cover image Fall of Knight

Fall of Knight

Peter David, . . Ace, $24.95 (347pp) ISBN 978-0-441-01402-6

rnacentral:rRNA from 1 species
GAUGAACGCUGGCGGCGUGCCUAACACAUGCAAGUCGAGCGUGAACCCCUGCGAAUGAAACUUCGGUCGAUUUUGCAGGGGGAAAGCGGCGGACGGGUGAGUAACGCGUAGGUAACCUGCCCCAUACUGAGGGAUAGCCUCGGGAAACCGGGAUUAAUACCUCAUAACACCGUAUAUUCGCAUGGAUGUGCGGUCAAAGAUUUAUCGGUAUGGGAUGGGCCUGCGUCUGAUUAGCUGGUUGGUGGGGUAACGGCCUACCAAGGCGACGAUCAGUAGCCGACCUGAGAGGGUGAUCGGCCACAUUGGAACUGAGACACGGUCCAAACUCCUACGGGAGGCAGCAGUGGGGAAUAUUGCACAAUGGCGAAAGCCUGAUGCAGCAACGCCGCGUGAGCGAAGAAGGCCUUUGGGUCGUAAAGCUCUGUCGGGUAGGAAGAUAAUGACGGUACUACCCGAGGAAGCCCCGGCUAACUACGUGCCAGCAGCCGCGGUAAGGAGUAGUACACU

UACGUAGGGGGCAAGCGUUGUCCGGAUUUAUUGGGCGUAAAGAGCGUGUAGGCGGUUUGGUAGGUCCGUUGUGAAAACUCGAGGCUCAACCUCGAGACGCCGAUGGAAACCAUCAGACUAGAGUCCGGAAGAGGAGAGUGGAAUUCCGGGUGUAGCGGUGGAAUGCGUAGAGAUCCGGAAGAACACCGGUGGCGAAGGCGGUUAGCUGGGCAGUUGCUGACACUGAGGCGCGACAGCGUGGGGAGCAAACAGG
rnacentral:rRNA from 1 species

The conclusion of David's 21st-century Arthurian trilogy will please fans of the previous two books, Knight Life and One Knight Only , but those expecting humorous fantasy on the level of Terry Pratchett or Monty Python will be disappointed. King Arthur, who has served as the mayor of New York City and even as president of the United States under the name Arthur Penn, is suddenly forced to tell the world who he really is and that he possesses the Holy Grail. Attempts to go mass market with the Grail's curative properties create complications involving Nazis and assorted other menaces. Despite the author's propensity for punning titles and silly archaisms like "Ye Olde Interlude," the resultant oil-and-water mixture achieves neither comedy nor drama, much less a blending of the two as in T.H. White's The Once and Future King . The incongruity of great, mythic figures behaving (or speaking) in an entirely banal and trivial manner is, alas, only that. (June)